A very small Queen Angelfish showing heavily curved bars and more vibrant / orange coloration. Image by Matt Pedersen

A very small Queen Angelfish showing heavily curved bars and more vibrant / orange coloration. Image by Matt Pedersen

Differentiating Blue and Queen Angelfishes as Adults

Were it not for the occurrence of hybrids, telling Queen and Blue Angelfish apart would be pretty easy. The fish shown in image #5 on page 98 is a solid representative of the Queen Angelfish, showing all the diagnostic characteristics; a large well defined “crown” on the nape, a solid yellow tail, and yellow pectoral fins with a blue spot at the base. While not universally exclusive, Queen Angelfish also tend to have blue trailing edges of the dorsal and anal fin.

A mature Queen Angelfish, Holacanthus ciliaris, showing the yellow tail, yellow pectoral fins, and nape crown characteristic of the species. Image by Dr. Dwayne Meadows, NOAA/NMFS/OPR | CC BY 2.0

A mature Queen Angelfish, Holacanthus ciliaris, showing the yellow tail, yellow pectoral fins, and nape crown characteristic of the species. Image by Dr. Dwayne Meadows, NOAA/NMFS/OPR | CC BY 2.0

Meanwhile, the Blue Angelfish lacks the black nape crown seen in the Queen. The tail of a Blue Angelfish is basically the body coloration, edged in yellow. Pectoral fins on the Blue Angelfish are more blue, with yellow and then clear margins.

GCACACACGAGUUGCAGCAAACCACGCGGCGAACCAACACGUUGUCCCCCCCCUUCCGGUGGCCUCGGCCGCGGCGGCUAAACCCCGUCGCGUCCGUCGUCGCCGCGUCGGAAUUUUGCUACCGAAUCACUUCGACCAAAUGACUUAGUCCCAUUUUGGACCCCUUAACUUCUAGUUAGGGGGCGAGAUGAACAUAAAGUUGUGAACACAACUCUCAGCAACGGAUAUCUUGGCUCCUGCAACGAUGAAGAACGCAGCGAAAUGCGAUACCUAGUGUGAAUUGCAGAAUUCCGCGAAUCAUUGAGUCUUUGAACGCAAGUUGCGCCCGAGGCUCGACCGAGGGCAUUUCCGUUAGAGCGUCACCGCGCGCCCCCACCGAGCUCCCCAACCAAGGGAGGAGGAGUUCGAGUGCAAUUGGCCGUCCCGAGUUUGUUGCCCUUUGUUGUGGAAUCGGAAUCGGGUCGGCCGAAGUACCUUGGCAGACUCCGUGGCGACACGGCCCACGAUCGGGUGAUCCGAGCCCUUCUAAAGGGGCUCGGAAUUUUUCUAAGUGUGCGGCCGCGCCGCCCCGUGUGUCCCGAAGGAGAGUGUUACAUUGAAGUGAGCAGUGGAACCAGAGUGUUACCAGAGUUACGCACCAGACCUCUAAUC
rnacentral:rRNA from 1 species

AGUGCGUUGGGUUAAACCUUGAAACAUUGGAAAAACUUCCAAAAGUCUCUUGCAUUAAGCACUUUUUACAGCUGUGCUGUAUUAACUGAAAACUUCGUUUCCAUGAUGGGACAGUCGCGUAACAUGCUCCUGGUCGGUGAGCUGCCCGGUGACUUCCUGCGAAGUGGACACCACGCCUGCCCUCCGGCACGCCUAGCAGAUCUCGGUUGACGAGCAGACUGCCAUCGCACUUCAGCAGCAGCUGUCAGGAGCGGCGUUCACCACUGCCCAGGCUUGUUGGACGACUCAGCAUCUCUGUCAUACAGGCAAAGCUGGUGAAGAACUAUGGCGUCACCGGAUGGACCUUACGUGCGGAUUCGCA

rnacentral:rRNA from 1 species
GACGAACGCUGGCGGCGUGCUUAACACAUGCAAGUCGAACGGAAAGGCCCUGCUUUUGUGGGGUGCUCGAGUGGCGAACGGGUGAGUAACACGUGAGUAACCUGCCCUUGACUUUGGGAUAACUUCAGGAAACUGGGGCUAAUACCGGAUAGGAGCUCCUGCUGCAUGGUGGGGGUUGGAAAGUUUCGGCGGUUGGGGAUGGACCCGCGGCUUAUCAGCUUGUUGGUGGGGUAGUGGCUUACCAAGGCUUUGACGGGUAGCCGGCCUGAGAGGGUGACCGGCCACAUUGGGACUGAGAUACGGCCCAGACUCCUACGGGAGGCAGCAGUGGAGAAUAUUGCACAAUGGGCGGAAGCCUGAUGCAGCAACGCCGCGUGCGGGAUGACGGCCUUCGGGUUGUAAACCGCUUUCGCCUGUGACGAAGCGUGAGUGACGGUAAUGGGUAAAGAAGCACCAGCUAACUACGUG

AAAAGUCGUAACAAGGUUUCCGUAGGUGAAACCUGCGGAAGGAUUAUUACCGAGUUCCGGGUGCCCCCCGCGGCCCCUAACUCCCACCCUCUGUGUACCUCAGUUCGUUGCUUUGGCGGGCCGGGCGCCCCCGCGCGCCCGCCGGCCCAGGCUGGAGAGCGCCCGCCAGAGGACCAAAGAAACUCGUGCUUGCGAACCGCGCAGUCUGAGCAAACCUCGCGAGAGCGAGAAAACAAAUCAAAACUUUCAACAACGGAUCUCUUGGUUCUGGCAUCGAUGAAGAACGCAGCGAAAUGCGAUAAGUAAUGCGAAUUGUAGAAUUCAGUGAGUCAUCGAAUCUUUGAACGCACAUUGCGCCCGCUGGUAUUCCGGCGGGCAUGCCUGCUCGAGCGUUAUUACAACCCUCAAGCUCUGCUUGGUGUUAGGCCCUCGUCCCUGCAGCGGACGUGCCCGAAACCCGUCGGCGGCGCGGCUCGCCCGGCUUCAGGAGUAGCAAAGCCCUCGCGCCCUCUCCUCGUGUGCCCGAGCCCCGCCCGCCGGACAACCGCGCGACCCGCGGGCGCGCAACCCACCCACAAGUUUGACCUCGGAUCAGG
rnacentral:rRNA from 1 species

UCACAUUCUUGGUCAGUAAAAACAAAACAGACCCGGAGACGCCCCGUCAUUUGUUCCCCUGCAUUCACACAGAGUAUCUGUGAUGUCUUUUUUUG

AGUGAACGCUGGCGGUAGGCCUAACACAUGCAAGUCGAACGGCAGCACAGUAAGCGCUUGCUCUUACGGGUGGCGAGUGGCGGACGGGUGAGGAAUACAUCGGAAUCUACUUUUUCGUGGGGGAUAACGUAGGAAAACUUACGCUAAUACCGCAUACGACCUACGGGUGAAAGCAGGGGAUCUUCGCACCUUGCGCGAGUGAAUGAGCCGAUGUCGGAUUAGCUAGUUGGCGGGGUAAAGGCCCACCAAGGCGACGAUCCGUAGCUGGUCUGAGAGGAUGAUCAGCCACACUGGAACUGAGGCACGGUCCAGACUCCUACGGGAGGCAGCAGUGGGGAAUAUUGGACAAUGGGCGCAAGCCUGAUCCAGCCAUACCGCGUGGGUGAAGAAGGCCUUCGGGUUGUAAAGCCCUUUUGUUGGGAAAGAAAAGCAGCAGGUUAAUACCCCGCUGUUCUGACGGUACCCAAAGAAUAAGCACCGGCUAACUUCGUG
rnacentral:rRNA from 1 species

A pair of Blue Angelfish, Holacanthus bermudensis, photographed at Bridge Span 14 in Panama City Beach, FL, by Greg Grimes | CC BY SA 2.0

A pair of Blue Angelfish, Holacanthus bermudensis, photographed at Bridge Span 14 in Panama City Beach, FL, by Greg Grimes | CC BY SA 2.0

Another look at the Blue Angelfish, showing how they can still show a "blue crown" of sorts on the nape, but overall clearly illustrating the immediate coloration differences that distinguish it from the Queen Angelfish. Image by Flickr user amanderson2 | CC BY 2.0

Another look at the Blue Angelfish, showing how they can still show a “blue crown” of sorts on the nape, but overall clearly illustrating the immediate coloration differences that distinguish it from the Queen Angelfish. Image by Flickr user amanderson2 | CC BY 2.0

The fish shown as the final “adult” image for a Queen Angelfish, #6 in our series, does not depict an adult Queen Angelfish.

This image was included in our print issue as a Queen, but is not. While a few might say "well, could this be a hybrid", we believe this is actually a mid-sized adult Blue Angelfish; note the pectoral fins are not quite yet mostly blue, and the body coloration is still filling in over the juvenile's solid white tail. We may never know 100%, but what we can say with authority is that this isn't a representative example of a pure Queen Angelfish.